Can weight training help endurance athletes last longer?

The principle of specificity?

Exercise physiologists call it the “principle of specificity”. Swimmers have to swim, cyclists have to cycle, runners have to run. That’s why many endurance athletes believe that other forms of training, like lifting weights. Simply because they think it is a waste of time that could be devoted to doing more of their main sport.

Of course, as with any good rule, the most interesting discussions involve figuring out when it should be broken. According to a new study from researchers in France the principle of specificity may apply less to older athletes than it does to their younger counterparts. The difference: The steady loss of muscle as you age means that you get an extra boost from weight training. Even in endurance sports like cycling or triathlon.

Strength training vs. cycling efficiency

A young group with an average age of 25.6 and an older group with an average age of 51.5 went through a three-week strength training program for their legs. After the three weeks the researchers looked for changes in cycling efficiency. A measure of how much energy it takes to maintain a given pace on the bike.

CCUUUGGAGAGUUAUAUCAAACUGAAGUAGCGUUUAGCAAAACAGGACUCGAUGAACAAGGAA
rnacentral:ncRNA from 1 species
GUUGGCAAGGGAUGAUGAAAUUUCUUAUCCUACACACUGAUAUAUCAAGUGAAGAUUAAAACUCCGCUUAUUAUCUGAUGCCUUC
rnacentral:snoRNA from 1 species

As a result, three weeks of strength training made little difference to the efficiency of the younger group but it led to a massive 13.8% improvement in the efficiency of the older group, completely erasing the difference between the two.

“Force loss is one of the main problems of aging and force loss will affect pedalling efficiency very quickly.”

People typically begin to lose 1 to 2% of their muscle mass each year starting in their 30’s or 40’s unless they’re already doing weights. So the older cyclists had much more room for improvement.

Finding out that strength training can also improve performance in endurance activities is a twist that may encourage cyclists and other endorphin junkies to add some weights to their exercise routine

Many endurance athletes want nothing more than to keep doing what they’ve always loved!

The reality of aging is that if you want things to stay the same you’ll need to forget about the principle of specificity and try something different : STRENGTH TRAINING!

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